When I was younger, not much scared me. I wasn’t the type to be easily frightened by what could be lurking in the shadows or under my bed at night. Yet as my life has progressed, I have developed a certain phobia which I’m cautiously about to share in an effort to better understand what makes me uncomfortable as an adult and perhaps why they do.
And contrary to what my wife will say, no it’s not an irrational phobia about home redecorating.
When I was about 10 years old, my mother took me to Seabreeze Amusement Park near Lake Ontario in Irondequoit, New York one summer afternoon. The main attraction there was an old wooden roller coaster called the Jack Rabbit, which is the fourth oldest in the world and the second oldest continuously operating roller coaster in the United States.
My mother told me one of her greatest fears was riding the “Jack Rabbit roller coaster” because it featured a drop of about 75 feet and she had a fear of heights. I watched as visitors to the amusement park climbed aboard the roller coaster and they screamed out as it suddenly dipped and twisted on its wooden tracks. There and then I developed a phobia about roller coasters that lasted nearly 38 years.
On a trip home to attend my high school reunion in 2001, a group of my friends and I decided to visit Seabreeze Amusement Park to see if it remained as we had known it growing up there. Smack dab in the middle of the park, I stood at the entrance to ride the Jack Rabbit and decided it was finally time to conquer one of my longstanding phobias.
Turns out, riding the Jack Rabbit wasn’t all that bad. Yes, it was a steep drop, but I had fun and didn’t lose my lunch overboard when it made its climatic run down the tracks.
Even though I was able to overcome my phobia about roller coasters that day, I still am not crazy about heights. Recently my wife and I were watching an episode of the “ER” television series and it included a scene where a distraught patient had climbed out onto a ledge on the hospital roof and a doctor also ventured out on the ledge to prevent the patient from jumping.
Just watching that scene made my stomach churn and I closed my eyes as the television camera looked out beyond the ledge to the ground 12 stories below. I’m also creeped out by old photos of workers sitting on a girder eating lunch when the Empire State Building was under construction in New York City or another famous photo from the 1930s of a woman standing on the eagle at the top of the Chrysler Building.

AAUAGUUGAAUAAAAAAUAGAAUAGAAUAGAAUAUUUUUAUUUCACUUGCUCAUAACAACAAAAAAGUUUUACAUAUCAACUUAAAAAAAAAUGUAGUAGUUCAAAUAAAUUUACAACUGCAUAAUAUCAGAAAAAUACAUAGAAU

I suppose helicopters should go on my phobia list too, but for me that’s an offshoot of my apprehension about heights. In 1981, while serving in the U.S. Air Force in Arizona, I was asked by my commanding officer to survey a crash scene of an F-15 Eagle aircraft that had gone down in the desert south of Phoenix.
As a member of the emergency response team, I had to get on a helicopter that was headed to the crash site. This particular helicopter had its doors removed and the only place for us to sit were on metal benches in the back. It also didn’t have seat belts, instead, you had to tied yourself in with ropes attached to the frame.
As the helicopter banked both right and left over the crash site, I clutched tightly at my ropes, fearing that if it loosened, I would tumble out the open door to certain death waiting several hundred feet below. Only when the helicopter landed back at the Air Force base did I feel safe again and tossed away the barf bag I was issued prior to takeoff.
On several occasions over the next few years, as a military journalist I had the opportunity to cover “incentive rides,” or F-15 flights given to outstanding enlisted aircraft mechanics or other military members recognized for top achievements. The person being awarded the “incentive ride” would climb into the back seat of an F-15 and the pilot would take them for a thrilling flight across the Arizona skies.
The first time I covered one of those events for the base newspaper, I noticed a large plastic bucket filled with water waiting on the flight line near where they aircraft was supposed to land. I asked what it was for and was told it was a surprise and to wait and see.
When the flight landed and the person receiving the “incentive ride” was back on the ground, he bucked over and threw up all over himself from having pulled 2 or 3 Gs (or Gravitational Force Equivalent) as the airplane accelerated to Mach 1 during his time in the air. The bucket of water was thrown over him to wash away his vomit and I was informed that it was an Air Force custom to have it handy for those not very experienced at pulling Gs on a regular basis like F-15 pilots were.
In 1983, having been awarded the Tactical Air Command “Journalist of the Year” award, my commander let me know that if I wanted, he could arrange an “incentive ride” in an F-15 for me. Having witnessed and reported on a number of those, I was well aware of how they turned out for the recipient and I politely declined his offer.
So at this stage in my life, it’s safe to say that you won’t find me rock climbing, bungee jumping off a bridge, hanging out on a sky deck hovering over the Grand Canyon, or laughing it up while free-falling 130 feet to the ground aboard Universal’s “Tower of Terror” in Orlando, Florida.
In my opinion, some phobias are best tackled from the all-to-familiar living room sofa. <
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